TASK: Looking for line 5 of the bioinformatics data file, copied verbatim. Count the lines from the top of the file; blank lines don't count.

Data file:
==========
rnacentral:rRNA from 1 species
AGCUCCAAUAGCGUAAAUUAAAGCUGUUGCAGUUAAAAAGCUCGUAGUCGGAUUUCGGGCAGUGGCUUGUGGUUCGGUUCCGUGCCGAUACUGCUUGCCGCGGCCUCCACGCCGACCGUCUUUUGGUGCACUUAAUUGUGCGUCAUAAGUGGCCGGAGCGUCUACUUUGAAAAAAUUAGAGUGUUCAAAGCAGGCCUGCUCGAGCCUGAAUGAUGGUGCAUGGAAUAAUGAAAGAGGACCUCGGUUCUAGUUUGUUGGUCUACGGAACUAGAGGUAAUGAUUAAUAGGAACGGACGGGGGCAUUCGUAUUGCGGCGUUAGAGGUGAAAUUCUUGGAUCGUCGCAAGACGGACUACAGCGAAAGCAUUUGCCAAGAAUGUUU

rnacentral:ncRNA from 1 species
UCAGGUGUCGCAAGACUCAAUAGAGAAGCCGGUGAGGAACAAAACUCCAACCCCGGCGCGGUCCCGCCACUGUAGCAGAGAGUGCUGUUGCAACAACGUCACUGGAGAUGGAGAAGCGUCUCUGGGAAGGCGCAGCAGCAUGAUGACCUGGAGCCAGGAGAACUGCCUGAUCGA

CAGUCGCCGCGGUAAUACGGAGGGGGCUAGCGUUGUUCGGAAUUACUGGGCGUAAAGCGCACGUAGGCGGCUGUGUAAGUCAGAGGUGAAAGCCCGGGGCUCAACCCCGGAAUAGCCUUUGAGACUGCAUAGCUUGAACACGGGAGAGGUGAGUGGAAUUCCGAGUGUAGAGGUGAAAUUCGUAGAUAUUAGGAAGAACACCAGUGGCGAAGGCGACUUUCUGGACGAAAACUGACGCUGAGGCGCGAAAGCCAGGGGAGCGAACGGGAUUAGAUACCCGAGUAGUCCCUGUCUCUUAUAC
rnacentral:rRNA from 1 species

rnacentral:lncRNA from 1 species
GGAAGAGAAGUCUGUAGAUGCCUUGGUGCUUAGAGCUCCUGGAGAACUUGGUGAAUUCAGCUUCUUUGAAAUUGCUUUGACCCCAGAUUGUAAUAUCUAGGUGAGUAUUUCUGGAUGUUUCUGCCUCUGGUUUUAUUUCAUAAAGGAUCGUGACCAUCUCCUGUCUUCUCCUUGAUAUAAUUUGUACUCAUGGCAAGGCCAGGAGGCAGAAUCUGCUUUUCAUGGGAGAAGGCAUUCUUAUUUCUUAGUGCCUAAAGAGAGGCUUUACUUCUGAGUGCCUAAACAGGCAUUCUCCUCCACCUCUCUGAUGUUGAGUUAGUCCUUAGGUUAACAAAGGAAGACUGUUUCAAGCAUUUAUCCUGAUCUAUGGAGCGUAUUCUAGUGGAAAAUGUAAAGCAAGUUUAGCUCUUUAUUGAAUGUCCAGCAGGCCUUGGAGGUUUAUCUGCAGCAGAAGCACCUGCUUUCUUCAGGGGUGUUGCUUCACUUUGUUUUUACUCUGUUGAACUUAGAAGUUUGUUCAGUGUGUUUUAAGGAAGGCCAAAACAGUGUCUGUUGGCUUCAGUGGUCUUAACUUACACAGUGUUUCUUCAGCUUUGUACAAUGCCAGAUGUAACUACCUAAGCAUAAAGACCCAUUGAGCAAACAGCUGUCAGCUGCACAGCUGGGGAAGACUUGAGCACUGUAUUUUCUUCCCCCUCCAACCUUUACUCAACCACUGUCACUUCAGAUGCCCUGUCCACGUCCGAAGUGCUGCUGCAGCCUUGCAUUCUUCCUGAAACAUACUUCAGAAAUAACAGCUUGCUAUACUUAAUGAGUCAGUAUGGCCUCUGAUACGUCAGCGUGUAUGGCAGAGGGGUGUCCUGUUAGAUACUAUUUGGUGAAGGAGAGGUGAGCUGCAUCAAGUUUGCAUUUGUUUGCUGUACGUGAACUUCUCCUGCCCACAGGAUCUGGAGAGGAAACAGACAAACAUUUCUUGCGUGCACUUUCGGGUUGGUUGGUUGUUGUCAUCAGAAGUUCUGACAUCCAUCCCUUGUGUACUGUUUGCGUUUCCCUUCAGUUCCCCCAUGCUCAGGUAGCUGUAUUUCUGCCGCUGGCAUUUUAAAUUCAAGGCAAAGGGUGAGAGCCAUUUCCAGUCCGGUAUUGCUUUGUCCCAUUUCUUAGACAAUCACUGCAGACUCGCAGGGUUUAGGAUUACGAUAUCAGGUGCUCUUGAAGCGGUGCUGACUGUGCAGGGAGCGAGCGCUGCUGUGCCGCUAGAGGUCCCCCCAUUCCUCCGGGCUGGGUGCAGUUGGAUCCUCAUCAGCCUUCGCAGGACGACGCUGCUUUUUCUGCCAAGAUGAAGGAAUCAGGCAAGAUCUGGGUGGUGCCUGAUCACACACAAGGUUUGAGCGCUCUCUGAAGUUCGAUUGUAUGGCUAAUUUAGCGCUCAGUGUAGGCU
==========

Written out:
CAGUCGCCGCGGUAAUACGGAGGGGGCUAGCGUUGUUCGGAAUUACUGGGCGUAAAGCGCACGUAGGCGGCUGUGUAAGUCAGAGGUGAAAGCCCGGGGCUCAACCCCGGAAUAGCCUUUGAGACUGCAUAGCUUGAACACGGGAGAGGUGAGUGGAAUUCCGAGUGUAGAGGUGAAAUUCGUAGAUAUUAGGAAGAACACCAGUGGCGAAGGCGACUUUCUGGACGAAAACUGACGCUGAGGCGCGAAAGCCAGGGGAGCGAACGGGAUUAGAUACCCGAGUAGUCCCUGUCUCUUAUAC